Science Education Background

In the past, science education focused on rote memorization and learning disjointed ideas. Elementary and secondary students in today’s science classes are fortunate now that science instruction has shifted from students demonstrating what they know to students demonstrating how they are able to apply their knowledge. Science education that reflects the Next Generation Science Standards challenges students to conduct investigations. As students explore phenomena and discrepant events they engage in academic discourse guided by focus questions from their teachers or student generated questions of that arise from analyzing data and creating and revising models that explain natural phenomena. Learn More…

Written by Elizabeth Cooke

Elizabeth Cooke

Elizabeth Cooke teaches TK-5 science at Markham Elementary in the Oakland Unified School District, is an NGSS Early Implementer, and is CSTA’s Secretary.

News and Happenings in CSTA’s Region 1 – Fall 2017

Posted: Tuesday, August 29th, 2017

by Marian Murphy-Shaw


This month I was fortunate enough to hear about some new topics to share with our entire region. Some of you may access the online or newsletter options, others may attend events in person that are nearer to you. Long time CSTA member and environmental science educator Mike Roa is well known to North Bay Area teachers for his volunteer work sharing events and resources. In this month’s Region 1 updates I am happy to make a few of the options Mike offers available to our region. Learn More…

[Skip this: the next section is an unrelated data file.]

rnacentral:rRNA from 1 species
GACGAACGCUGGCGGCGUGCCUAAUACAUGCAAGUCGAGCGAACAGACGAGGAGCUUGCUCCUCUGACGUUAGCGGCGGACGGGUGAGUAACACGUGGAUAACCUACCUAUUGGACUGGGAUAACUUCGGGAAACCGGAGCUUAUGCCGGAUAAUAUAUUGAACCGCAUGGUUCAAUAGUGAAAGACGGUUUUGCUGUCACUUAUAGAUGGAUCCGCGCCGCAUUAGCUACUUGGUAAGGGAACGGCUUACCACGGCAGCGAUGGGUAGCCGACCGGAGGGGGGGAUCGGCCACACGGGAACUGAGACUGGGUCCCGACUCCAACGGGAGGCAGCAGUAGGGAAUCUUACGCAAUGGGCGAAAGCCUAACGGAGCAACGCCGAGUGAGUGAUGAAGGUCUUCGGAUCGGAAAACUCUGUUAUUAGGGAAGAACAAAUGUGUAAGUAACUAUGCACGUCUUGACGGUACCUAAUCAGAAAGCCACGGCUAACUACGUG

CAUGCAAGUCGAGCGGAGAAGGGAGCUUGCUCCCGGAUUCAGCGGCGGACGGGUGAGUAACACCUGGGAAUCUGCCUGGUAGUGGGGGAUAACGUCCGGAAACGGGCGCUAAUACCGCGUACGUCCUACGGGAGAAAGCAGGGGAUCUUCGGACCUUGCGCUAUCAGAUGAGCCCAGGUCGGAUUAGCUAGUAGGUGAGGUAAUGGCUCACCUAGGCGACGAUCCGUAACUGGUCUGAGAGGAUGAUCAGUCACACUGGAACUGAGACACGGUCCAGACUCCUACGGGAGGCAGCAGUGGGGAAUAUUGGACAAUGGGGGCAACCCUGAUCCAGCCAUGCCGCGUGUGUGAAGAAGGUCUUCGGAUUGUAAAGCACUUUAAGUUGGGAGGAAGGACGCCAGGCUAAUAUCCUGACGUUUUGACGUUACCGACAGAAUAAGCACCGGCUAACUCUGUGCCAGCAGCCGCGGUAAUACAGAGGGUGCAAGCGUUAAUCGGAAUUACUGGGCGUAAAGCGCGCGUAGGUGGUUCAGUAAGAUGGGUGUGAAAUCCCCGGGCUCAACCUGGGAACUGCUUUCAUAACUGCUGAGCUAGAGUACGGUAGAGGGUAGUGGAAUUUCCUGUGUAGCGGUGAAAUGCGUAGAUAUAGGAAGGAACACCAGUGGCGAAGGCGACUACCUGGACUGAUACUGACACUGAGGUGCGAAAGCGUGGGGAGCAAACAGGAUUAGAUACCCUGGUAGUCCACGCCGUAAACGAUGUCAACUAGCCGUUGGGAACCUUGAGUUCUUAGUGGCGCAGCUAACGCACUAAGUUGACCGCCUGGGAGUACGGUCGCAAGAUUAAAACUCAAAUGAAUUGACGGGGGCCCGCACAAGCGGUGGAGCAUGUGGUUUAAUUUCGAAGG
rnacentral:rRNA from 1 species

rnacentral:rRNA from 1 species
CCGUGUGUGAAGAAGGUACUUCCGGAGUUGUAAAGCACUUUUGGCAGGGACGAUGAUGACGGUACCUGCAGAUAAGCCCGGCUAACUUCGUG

Written by Marian Murphy-Shaw

Marian Murphy-Shaw

Marian Murphy-Shaw is the student services director at Siskiyou County Office of Education and is CSTA’s Region 1 Director and chair of CSTA’s Policy Committee.

Is This a First: Young Female Teens Propose California Water Conservation Legislation?

Posted: Monday, August 28th, 2017

Meet the La Habra Water Guardians from the Optics of their Teacher Moderator, Dr. P.

by Susan M. Pritchard, Ph.D.

You have just won the 2016 Lexus Eco Challenge as one of four First Place Winners in the Middle School Category across the nation! Now, what are you going to do … go to Disneyland? No, not for four of the six La Habra Water Guardians, Disneyland is not in their future at this time. Although I think they would love a trip to Disneyland, (are you listening Mickey Mouse?), at this moment they are focused big time on one major thing … celebrating the passage of their proposed legislation: Assembly Bill 1343 Go Low Flow Water Conservation Partnership Bill and now promoting the enactment of this legislation. Learn More…

Written by Guest Contributor

From time to time CSTA receives contributions from guest contributors. The opinions and views expressed by these contributors are not necessarily those of CSTA. By publishing these articles CSTA does not make any endorsements or statements of support of the author or their contribution, either explicit or implicit. All links to outside sources are subject to CSTA’s Disclaimer Policy: